Wet Leg - Wet Leg (8 April 2022)
Last year saw the breakthrough of Isle of Wight indie rock duo Wet Leg, their track 'Chaise Longue' exploding into our consciousness and featuring heavily on the likes of 6Music and Radio 1. The song finished fourth in our favourite songs of 2021 list and was so addictive and quirky it was tough to get out of our heads. Despite only releasing a couple of songs since (the pick being the excellent 'Too Late Now'), the hype is strong for their self-titled debut set to be released on Domino Records in April. They also finishing second on BBC's Sound of 2022 list, so mark my words, Wet Leg are going to be massive this year.
Fontaines D.C. Skinty Fia (22 April)
This is one that caught us completely off-guard. On Tuesday 11 January, the Dublin post punk band announced the release of new album Skinty Fia and gifted us with the excellent single 'Jackie Down the Line'. Their new album will be their third in four years and expectations are already through the roof. Skinty Fia will follow their previous two records that easily go down as a couple of the best indie albums of the modern era (2019's Dogrel (2019) and 2020's A Hero's Death). Our writer Neil Renton gave us his initial thoughts on the single and album announcement only hours later.
Bloc Party - Alpha Games (29 April)
They may have changed form since their mid-noughties breakthrough, but Kele Okereke and co are due to release their sixth album in April. Alpha Games will be Bloc Party's first since 2016's Hymns and, according to Pitchfork, "the new record aims to capture a breakneck, raucous collection of indie rock gone post-punk". Their latest single 'Traps' was released in November and revealed a familiar ferocious indie rock sound that we came to love on early albums Silent Alarm (2004) and A Weekend In The City (2007). These were two records I obsessed over in my student days and I have every hope the London band will continue to rock our socks off a decade and a half later.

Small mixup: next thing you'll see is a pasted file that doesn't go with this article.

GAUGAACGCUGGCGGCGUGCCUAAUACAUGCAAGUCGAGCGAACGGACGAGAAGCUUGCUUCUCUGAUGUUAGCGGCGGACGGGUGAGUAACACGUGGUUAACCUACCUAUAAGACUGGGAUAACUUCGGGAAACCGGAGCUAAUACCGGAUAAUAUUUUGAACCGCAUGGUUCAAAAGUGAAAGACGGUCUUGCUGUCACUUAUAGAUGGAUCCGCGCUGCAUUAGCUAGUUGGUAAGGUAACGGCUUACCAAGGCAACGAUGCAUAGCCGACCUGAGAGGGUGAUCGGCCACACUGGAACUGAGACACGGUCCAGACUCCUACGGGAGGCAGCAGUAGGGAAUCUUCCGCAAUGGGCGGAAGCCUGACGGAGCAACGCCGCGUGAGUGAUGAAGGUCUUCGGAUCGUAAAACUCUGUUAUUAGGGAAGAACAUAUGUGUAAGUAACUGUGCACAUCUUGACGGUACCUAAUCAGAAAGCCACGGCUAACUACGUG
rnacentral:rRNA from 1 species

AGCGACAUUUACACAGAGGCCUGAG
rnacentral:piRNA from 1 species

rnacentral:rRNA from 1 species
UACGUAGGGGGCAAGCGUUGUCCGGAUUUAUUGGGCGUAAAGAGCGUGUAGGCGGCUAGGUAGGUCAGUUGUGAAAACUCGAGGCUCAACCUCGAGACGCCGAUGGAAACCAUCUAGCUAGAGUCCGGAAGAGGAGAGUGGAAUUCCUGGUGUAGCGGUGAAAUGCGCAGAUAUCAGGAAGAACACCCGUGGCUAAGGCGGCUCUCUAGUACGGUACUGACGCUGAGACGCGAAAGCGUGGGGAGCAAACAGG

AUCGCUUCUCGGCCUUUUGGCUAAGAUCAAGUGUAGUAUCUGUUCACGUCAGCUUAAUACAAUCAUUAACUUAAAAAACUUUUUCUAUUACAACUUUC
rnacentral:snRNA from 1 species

The Shop Window - A 4 Letter Word (July/August)
The Shop Window delivered one of my favourite albums of last year with The State Of Being Human (number 12 on my best albums of 2021, no less) and they're not messing around when it comes to the follow-up. The Kent-based jangle-pop fourpiece recorded their second album over eight days in August 2021. It will feature their brilliant November single 'The Lay of the Land' and 'Lighthouse', due for release on 4 February. Their debut was a pleasant surprise for me in 2021 and I'm expecting more of the same come the summer.
Arcade Fire - TBA
There's a sense of deju vu with this entry. Last year, I expected the Canadian indie legends to gift us with their sixth studio album for it not to materialise. In October 2020, Win Butler revealed on the Broken Record podcast with Rick Rubin that they'd written "two or three" new albums and the band were planning on returning to Texas to record their next record. A month later, Arcade Fire returned with a political song on Colbert's Election Night 2020 Special for their first music since 2017's Everything Now. So imagine my disappointment that further new material was lacking. In fairness, Butler did reveal at the time that the pandemic was causing issues with recording due to the band's scattered geography and we can only assume such issues didn't resolve in time. Thankfully they gave us some hope again in December 2021 when they played their first gig since the COVID pandemic began at the Gala Games' Galaverse crypto party in Las Vegas. This is the year, I can feel it.
Arctic Monkeys - TBA
Nine years ago, Alex Turner and co were at the height of their powers following the release of AM, and yet you wouldn't have believed me had I told you then that they'd only deliver us with one more album in the following decade (2018's Tranquility Base Hotel & Casino). Their divisive sixth album was a concept album about a futuristic resort on the moon, with many traditional fans lamenting the prevalence of pianos over guitars and believing they'd quickly release a more "conventional" album soon after. Such a follow up wasn't forthcoming so we've been patiently awaiting their next work for three and a half years now. In November, drummer Matt Helders admitted Arctic Monkeys latest album was "pretty much" finished and this followed the news in August that they'd reportedly been recording new music in Suffolk. Will they be returning to their garage rock roots, developing their art-rock sound or exploring a more psychedelic rock focus? Your guess is as good as mine and that's what makes the new release so fascinating.
The Cure - TBA